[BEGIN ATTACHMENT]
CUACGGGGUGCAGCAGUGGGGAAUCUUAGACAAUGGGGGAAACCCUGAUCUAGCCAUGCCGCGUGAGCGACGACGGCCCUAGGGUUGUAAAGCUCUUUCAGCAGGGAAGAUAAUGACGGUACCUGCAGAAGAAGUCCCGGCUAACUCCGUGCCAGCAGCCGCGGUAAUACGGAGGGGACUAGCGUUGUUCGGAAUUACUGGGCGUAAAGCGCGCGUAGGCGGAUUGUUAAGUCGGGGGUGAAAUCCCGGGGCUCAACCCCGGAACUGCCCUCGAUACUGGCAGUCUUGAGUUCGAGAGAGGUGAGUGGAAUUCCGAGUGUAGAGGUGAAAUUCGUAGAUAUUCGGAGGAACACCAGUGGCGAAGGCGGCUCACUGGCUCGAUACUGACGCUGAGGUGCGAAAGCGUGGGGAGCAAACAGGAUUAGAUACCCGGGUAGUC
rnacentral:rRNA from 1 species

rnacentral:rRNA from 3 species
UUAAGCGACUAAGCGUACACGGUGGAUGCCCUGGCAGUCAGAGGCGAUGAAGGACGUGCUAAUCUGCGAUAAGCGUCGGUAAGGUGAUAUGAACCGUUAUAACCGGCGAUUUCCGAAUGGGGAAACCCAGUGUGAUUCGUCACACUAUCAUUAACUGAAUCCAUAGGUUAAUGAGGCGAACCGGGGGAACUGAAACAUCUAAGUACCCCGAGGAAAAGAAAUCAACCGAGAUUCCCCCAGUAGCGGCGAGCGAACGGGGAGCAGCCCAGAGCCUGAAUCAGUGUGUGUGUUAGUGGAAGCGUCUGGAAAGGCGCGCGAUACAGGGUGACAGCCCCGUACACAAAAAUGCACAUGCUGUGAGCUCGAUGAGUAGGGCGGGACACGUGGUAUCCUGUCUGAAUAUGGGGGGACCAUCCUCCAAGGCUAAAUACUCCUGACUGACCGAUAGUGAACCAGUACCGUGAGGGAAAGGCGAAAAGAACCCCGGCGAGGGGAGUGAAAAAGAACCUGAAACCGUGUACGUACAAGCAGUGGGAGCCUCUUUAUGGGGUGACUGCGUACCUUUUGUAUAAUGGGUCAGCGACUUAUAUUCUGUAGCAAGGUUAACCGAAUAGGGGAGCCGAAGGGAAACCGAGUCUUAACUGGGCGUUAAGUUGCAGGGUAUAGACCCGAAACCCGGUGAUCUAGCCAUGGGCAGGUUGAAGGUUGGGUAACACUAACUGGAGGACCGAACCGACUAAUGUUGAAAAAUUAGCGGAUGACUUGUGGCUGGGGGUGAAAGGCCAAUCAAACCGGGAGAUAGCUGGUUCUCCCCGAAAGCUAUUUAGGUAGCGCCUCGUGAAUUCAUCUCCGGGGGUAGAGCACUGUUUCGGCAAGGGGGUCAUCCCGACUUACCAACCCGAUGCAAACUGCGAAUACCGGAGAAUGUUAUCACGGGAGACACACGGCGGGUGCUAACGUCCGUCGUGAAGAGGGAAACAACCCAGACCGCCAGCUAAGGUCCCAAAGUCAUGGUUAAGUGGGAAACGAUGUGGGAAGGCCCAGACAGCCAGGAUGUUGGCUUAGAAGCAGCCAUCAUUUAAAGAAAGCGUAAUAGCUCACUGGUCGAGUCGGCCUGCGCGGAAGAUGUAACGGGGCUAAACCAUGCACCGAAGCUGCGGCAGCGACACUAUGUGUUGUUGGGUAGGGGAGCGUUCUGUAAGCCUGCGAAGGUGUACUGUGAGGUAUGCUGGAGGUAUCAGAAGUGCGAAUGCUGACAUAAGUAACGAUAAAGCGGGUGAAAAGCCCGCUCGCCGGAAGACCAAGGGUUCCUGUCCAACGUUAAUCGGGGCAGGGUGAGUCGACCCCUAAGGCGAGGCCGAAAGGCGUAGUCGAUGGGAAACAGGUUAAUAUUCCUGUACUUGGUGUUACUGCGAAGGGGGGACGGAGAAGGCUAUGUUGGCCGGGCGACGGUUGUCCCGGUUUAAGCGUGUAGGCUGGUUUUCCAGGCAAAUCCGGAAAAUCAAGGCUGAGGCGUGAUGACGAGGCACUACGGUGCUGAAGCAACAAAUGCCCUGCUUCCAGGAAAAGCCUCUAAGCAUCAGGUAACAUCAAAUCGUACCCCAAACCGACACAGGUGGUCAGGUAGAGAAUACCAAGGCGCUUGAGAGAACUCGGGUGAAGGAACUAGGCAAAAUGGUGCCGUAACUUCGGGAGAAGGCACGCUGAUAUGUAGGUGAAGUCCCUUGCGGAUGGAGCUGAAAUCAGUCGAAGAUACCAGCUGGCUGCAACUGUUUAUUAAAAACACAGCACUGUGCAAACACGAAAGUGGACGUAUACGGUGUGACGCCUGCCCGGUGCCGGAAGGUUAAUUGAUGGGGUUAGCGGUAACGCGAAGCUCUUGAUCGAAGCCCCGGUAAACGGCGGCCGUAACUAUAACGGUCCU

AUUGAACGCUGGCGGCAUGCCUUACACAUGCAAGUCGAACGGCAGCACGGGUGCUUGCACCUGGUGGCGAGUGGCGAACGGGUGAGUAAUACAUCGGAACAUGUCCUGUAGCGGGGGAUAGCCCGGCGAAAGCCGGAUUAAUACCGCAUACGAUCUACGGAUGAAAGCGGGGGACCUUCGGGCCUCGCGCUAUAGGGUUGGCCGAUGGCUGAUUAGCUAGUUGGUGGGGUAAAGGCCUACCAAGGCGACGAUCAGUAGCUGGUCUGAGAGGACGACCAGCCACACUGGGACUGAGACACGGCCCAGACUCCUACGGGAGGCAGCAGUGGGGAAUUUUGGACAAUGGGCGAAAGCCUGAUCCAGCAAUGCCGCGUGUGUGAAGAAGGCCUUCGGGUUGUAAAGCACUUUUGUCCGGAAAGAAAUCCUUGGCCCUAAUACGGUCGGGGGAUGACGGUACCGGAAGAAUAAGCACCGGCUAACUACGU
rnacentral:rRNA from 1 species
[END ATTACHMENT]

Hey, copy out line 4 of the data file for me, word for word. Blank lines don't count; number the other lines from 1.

UUAAGCGACUAAGCGUACACGGUGGAUGCCCUGGCAGUCAGAGGCGAUGAAGGACGUGCUAAUCUGCGAUAAGCGUCGGUAAGGUGAUAUGAACCGUUAUAACCGGCGAUUUCCGAAUGGGGAAACCCAGUGUGAUUCGUCACACUAUCAUUAACUGAAUCCAUAGGUUAAUGAGGCGAACCGGGGGAACUGAAACAUCUAAGUACCCCGAGGAAAAGAAAUCAACCGAGAUUCCCCCAGUAGCGGCGAGCGAACGGGGAGCAGCCCAGAGCCUGAAUCAGUGUGUGUGUUAGUGGAAGCGUCUGGAAAGGCGCGCGAUACAGGGUGACAGCCCCGUACACAAAAAUGCACAUGCUGUGAGCUCGAUGAGUAGGGCGGGACACGUGGUAUCCUGUCUGAAUAUGGGGGGACCAUCCUCCAAGGCUAAAUACUCCUGACUGACCGAUAGUGAACCAGUACCGUGAGGGAAAGGCGAAAAGAACCCCGGCGAGGGGAGUGAAAAAGAACCUGAAACCGUGUACGUACAAGCAGUGGGAGCCUCUUUAUGGGGUGACUGCGUACCUUUUGUAUAAUGGGUCAGCGACUUAUAUUCUGUAGCAAGGUUAACCGAAUAGGGGAGCCGAAGGGAAACCGAGUCUUAACUGGGCGUUAAGUUGCAGGGUAUAGACCCGAAACCCGGUGAUCUAGCCAUGGGCAGGUUGAAGGUUGGGUAACACUAACUGGAGGACCGAACCGACUAAUGUUGAAAAAUUAGCGGAUGACUUGUGGCUGGGGGUGAAAGGCCAAUCAAACCGGGAGAUAGCUGGUUCUCCCCGAAAGCUAUUUAGGUAGCGCCUCGUGAAUUCAUCUCCGGGGGUAGAGCACUGUUUCGGCAAGGGGGUCAUCCCGACUUACCAACCCGAUGCAAACUGCGAAUACCGGAGAAUGUUAUCACGGGAGACACACGGCGGGUGCUAACGUCCGUCGUGAAGAGGGAAACAACCCAGACCGCCAGCUAAGGUCCCAAAGUCAUGGUUAAGUGGGAAACGAUGUGGGAAGGCCCAGACAGCCAGGAUGUUGGCUUAGAAGCAGCCAUCAUUUAAAGAAAGCGUAAUAGCUCACUGGUCGAGUCGGCCUGCGCGGAAGAUGUAACGGGGCUAAACCAUGCACCGAAGCUGCGGCAGCGACACUAUGUGUUGUUGGGUAGGGGAGCGUUCUGUAAGCCUGCGAAGGUGUACUGUGAGGUAUGCUGGAGGUAUCAGAAGUGCGAAUGCUGACAUAAGUAACGAUAAAGCGGGUGAAAAGCCCGCUCGCCGGAAGACCAAGGGUUCCUGUCCAACGUUAAUCGGGGCAGGGUGAGUCGACCCCUAAGGCGAGGCCGAAAGGCGUAGUCGAUGGGAAACAGGUUAAUAUUCCUGUACUUGGUGUUACUGCGAAGGGGGGACGGAGAAGGCUAUGUUGGCCGGGCGACGGUUGUCCCGGUUUAAGCGUGUAGGCUGGUUUUCCAGGCAAAUCCGGAAAAUCAAGGCUGAGGCGUGAUGACGAGGCACUACGGUGCUGAAGCAACAAAUGCCCUGCUUCCAGGAAAAGCCUCUAAGCAUCAGGUAACAUCAAAUCGUACCCCAAACCGACACAGGUGGUCAGGUAGAGAAUACCAAGGCGCUUGAGAGAACUCGGGUGAAGGAACUAGGCAAAAUGGUGCCGUAACUUCGGGAGAAGGCACGCUGAUAUGUAGGUGAAGUCCCUUGCGGAUGGAGCUGAAAUCAGUCGAAGAUACCAGCUGGCUGCAACUGUUUAUUAAAAACACAGCACUGUGCAAACACGAAAGUGGACGUAUACGGUGUGACGCCUGCCCGGUGCCGGAAGGUUAAUUGAUGGGGUUAGCGGUAACGCGAAGCUCUUGAUCGAAGCCCCGGUAAACGGCGGCCGUAACUAUAACGGUCCU